Prosecution lays out case against Vijay Mallya as extradition proceedings begin

Britain’s Crown Prosecution Service (CPS) outlined the Indian Government’s case against liquor baron Vijay Mallya, on Monday.

Mark Summers, who represented the CPS meticulously, presented the Indian authorities, making several damning revelations throughout a long and arduous day.

London’s Westminster Court was hearing India’s request to extradite the businessman.

Summers said a loan application was made to the IDBI bank in October 2009 worth Rs 950 crore, which was part of a Rs 2,000-crore application made by Kingfisher to a number of banks.

“Kingfisher had also submitted that it was confident of overcoming financial difficulties and had submitted a brand new business plan as well. The application to the IDBI bank included an approval letter from the State Bank of India (SBI). By that time SBI had already approved its portion of that Rs 2,000-crore bank package. Kingfisher also promised equity to the banks. Rs 150-crore loan was also made on October 7, 2009 to meet the short term obligations to foreign creditors,” the prosecutor added.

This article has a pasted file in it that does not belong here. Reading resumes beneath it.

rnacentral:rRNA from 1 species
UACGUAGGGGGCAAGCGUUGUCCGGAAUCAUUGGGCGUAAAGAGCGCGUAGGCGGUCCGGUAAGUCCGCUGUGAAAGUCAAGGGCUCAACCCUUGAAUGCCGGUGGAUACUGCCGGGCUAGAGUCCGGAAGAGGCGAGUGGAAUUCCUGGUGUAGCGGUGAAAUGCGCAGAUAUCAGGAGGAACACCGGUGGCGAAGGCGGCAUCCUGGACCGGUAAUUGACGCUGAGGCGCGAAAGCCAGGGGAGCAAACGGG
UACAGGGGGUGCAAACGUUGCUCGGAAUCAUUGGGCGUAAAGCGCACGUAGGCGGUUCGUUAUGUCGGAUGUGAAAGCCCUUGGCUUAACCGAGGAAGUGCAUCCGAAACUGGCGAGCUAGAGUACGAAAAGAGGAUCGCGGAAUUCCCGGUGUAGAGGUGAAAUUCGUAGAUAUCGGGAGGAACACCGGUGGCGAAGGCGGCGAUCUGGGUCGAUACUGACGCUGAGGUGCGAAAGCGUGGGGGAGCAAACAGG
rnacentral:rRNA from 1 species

He further said the new business plan was also apprised and vetted by the audit firm Grant Thornton and there was a corporate guarantee from the UB group and a personal guarantee from Mallya himself.

A part of the loan was used to pay off bills at Bank of Baroda, thereby, freeing up credit at the bank, which then ended up in the Force India Formula One Team.

Clearing such bills at other banks is forbidden under the terms of IDBI’s Rs 750-crore loan.

The prosecutor even managed to obtain a No-Objection Certificate (NOC) from the SBI bank clearing the sale of United Spirits Ltd (USL) stake from United Breweries.

The prosecutor cited an e-mail in which Mallya said that he had been getting mails from IDBI and asked for his Rs 10 crore in personal funds be taken out and transferred out of USL, which had no obligations.

After IDBI bank began recovery proceedings at the Bombay High Court, the prosecutor counter sued saying personal and corporate guarantees were “invalid” because they had been obtained under “duress”.

The trial is set to continue today (Tuesday) wherein the defence team will submit its arguments all day.

The trial is expected to further continue on 6th, 7th, 11th, 12th, 13th and 14th of December.

Mallya, who shifted to the UK, is wanted in India for financial irregularities involving a total amount of Rs 9,000 crore as well as money laundering.

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